Service honors fallen firefighters

Published 12:00 am Wednesday, March 7, 2012

By Mark Wineka
SALISBURY — After the deaths four years ago of fellow Salisbury firefighters Vic Isler Sr. and Justin Monroe, Capt. Bobby Fox penned some of his feelings from that day in a poem he titled, “Lost Brothers.”
And as we crawled through this black darkness to try and find the others,
all we would find was the lack of time and the pain of lost brothers.
And all the days that followed this endless dream,
we would see time as just a blur.
So we would honor our brothers but add to the pain with lots of hurtful words.
The families who lost would pay the ultimate cost for the safety of future brothers.
Their payments would be the lonely eternity of suffering and unknowing.
Chaplain Wendell Bradley of Responder Care read these words this morning at a memorial service noting the fourth anniversary of the March 7, 2008, Salisbury Millwork Co. fire in which Isler and Monroe died.
A brief, quiet ceremony took place at the Salisbury-Rowan Firefighters Memorial.
Family members for both Isler and Monroe aided in the placing of wreaths, which will remain throughout the day at the memorial, located at the southern end of Chestnut Hill Cemetery, 1400 S. Main St.
“We should never forget and should not expect to,” Bradley said in a closing prayer.
Mayor Paul Woodson said Isler and Monroe made the ultimate sacrifice and demonstrated the utmost bravery in performing their jobs that day.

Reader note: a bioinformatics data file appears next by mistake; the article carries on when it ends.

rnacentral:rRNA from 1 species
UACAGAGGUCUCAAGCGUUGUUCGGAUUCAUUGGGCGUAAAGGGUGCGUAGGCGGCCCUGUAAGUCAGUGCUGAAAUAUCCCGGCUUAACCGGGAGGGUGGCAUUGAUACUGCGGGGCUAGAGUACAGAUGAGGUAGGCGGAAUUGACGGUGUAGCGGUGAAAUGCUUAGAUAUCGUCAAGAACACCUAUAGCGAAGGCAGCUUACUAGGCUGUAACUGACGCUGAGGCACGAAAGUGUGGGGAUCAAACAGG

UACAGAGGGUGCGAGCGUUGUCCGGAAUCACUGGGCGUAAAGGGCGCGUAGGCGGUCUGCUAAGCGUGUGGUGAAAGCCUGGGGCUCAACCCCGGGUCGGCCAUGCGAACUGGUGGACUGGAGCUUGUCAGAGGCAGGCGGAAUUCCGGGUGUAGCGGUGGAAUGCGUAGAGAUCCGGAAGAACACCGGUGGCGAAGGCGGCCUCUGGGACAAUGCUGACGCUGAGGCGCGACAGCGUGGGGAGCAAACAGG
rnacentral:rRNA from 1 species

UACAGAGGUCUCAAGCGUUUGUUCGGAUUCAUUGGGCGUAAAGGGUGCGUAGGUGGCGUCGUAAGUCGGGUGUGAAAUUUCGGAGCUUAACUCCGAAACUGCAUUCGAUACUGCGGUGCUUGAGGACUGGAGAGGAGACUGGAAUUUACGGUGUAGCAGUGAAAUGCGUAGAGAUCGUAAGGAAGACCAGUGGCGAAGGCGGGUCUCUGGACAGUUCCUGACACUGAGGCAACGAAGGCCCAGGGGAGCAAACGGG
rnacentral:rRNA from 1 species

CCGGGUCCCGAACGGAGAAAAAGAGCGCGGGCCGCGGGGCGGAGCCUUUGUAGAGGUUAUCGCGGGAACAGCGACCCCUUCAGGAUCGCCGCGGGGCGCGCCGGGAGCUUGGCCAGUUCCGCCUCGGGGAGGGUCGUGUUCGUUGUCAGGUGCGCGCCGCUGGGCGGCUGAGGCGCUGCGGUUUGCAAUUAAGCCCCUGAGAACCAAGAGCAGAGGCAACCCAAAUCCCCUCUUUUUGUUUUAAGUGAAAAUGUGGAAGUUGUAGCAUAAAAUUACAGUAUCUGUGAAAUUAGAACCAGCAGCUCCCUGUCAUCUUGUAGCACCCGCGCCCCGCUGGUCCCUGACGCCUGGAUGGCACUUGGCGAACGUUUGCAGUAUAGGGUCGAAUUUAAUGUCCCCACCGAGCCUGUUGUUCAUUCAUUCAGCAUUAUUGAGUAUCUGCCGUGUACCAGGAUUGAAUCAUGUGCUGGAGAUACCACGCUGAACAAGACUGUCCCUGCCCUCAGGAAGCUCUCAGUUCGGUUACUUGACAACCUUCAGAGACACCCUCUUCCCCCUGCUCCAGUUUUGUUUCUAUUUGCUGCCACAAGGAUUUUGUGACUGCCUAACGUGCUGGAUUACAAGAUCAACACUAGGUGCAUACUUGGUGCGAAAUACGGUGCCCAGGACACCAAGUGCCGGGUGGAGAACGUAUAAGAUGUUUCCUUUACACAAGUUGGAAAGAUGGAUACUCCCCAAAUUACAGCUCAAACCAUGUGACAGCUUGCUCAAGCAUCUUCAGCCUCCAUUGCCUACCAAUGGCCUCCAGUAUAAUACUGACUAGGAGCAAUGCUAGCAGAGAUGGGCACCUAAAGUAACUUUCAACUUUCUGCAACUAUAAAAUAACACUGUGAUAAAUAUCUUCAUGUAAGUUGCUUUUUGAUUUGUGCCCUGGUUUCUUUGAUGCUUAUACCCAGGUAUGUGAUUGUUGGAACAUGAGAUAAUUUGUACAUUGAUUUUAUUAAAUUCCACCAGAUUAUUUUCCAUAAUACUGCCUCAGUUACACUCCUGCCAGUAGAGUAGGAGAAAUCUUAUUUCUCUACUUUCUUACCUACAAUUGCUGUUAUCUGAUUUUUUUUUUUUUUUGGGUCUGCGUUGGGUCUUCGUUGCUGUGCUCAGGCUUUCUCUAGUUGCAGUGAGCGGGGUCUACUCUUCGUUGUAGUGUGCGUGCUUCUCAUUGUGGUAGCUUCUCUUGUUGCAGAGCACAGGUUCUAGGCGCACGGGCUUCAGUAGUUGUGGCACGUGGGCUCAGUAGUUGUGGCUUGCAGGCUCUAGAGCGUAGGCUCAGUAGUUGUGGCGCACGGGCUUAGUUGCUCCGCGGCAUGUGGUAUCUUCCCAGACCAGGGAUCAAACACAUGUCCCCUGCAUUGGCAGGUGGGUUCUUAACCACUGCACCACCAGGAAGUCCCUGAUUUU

“This city will always hold them in our hearts,” Woodson said.
It was important to remember Isler and Monroe, plus all the men and women who put their lives on the line every day, the mayor added.
Salisbury Fire Chief Bob Parnell said up to 40 more firefighters would have been at the ceremony, except they were responding to a morning fire at Wiltshire Village. An apartment was burned out, but no injuries were reported.
The ceremony also included the raising of the U.S. flag, followed by lowering it to half-staff.
A fire bell, draped in black, chimed five times in three distinct sets, signifying the “last return home.”
Fox also serves as chief of Miller’s Ferry Fire Department, where the young Justin Monroe, only 19 when he died, was also an active volunteer. Both he and the 40-year-old Isler left strong impressions with their fellow firefighters.
Fox’s poem ends this way:
And the years come and the years go,
but these memories I fear I will always know.